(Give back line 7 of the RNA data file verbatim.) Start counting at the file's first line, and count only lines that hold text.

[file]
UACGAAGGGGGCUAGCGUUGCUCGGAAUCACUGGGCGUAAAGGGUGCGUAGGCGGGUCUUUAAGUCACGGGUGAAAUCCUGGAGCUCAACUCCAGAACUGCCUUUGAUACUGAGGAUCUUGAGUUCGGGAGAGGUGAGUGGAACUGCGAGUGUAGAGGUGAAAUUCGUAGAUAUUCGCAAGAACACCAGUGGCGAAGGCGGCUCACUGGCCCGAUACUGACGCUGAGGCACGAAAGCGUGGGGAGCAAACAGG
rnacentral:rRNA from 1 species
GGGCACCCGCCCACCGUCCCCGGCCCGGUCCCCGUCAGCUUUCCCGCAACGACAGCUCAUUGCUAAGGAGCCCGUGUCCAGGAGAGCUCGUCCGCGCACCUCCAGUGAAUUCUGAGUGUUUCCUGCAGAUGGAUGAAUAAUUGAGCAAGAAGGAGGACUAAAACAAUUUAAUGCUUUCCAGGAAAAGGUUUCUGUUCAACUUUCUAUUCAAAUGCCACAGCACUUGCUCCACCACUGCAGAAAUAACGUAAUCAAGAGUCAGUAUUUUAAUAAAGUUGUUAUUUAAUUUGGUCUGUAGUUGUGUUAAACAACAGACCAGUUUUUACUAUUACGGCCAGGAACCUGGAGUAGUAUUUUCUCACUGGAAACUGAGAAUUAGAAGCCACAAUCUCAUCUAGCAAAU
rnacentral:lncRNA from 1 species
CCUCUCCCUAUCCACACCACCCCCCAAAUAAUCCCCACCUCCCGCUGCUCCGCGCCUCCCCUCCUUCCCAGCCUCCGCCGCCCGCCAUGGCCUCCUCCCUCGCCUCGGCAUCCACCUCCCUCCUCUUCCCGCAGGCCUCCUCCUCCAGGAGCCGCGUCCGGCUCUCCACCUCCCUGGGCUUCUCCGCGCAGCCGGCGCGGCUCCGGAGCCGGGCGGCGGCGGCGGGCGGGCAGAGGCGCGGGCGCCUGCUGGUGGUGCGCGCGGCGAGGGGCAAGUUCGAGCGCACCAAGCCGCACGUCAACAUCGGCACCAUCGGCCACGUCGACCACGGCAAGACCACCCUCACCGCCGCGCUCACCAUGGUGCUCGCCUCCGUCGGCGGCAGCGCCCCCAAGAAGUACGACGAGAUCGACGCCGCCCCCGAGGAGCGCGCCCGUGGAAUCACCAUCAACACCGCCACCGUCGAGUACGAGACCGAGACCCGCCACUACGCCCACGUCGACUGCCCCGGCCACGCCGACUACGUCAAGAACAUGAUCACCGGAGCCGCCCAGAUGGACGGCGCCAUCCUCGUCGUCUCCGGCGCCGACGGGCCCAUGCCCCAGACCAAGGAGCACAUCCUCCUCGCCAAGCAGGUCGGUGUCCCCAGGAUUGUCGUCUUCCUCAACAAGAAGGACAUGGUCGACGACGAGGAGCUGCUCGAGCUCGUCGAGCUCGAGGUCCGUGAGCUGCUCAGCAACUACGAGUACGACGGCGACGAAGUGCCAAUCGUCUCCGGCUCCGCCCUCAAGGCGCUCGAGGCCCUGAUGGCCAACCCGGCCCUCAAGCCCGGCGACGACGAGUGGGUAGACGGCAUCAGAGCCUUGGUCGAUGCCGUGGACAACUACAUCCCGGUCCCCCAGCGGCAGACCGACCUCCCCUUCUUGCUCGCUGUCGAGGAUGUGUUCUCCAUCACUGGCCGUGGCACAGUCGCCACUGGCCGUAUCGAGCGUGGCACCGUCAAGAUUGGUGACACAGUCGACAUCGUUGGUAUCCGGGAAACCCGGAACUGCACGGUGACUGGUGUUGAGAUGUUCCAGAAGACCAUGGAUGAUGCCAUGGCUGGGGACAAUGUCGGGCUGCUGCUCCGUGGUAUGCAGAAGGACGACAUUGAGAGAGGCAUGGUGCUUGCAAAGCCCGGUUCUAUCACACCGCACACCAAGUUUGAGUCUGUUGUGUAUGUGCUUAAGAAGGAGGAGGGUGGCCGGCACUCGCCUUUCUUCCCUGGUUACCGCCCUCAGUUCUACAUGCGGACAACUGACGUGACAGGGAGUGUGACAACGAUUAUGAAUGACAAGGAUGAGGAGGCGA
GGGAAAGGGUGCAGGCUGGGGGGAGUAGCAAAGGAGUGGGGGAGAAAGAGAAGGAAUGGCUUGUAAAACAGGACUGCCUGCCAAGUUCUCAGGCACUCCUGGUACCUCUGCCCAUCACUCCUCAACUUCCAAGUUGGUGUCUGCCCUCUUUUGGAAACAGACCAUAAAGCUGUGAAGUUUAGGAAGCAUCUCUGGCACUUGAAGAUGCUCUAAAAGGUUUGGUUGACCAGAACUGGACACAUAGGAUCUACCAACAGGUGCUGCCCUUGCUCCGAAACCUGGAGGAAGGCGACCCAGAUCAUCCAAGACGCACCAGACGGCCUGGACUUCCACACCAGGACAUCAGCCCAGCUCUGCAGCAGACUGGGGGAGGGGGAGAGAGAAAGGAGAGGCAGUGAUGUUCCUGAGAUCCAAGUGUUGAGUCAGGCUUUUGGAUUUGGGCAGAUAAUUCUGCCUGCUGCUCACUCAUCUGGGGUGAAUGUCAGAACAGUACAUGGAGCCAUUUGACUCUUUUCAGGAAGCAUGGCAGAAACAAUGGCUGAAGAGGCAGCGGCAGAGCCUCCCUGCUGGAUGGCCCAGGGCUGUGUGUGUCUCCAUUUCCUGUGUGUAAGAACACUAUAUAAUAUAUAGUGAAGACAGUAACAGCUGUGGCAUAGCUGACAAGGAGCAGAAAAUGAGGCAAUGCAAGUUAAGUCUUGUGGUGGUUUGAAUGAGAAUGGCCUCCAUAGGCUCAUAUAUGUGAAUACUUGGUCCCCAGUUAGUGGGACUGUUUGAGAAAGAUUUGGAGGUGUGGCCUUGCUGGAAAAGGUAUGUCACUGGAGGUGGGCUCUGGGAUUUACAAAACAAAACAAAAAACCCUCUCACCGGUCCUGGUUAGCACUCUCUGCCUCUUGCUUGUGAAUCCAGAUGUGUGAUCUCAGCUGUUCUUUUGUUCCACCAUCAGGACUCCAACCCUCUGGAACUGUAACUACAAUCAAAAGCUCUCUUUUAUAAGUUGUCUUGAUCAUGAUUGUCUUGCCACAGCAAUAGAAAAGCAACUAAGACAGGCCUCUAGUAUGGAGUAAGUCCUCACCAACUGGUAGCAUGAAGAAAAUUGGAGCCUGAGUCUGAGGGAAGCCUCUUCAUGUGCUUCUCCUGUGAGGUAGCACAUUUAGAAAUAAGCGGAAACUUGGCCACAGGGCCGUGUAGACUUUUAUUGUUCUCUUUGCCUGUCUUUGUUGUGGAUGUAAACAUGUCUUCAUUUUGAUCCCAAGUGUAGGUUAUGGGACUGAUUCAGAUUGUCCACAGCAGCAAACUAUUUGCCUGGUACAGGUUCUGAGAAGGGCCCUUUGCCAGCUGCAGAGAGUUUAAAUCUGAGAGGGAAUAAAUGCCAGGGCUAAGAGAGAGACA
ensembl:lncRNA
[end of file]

ensembl:lncRNA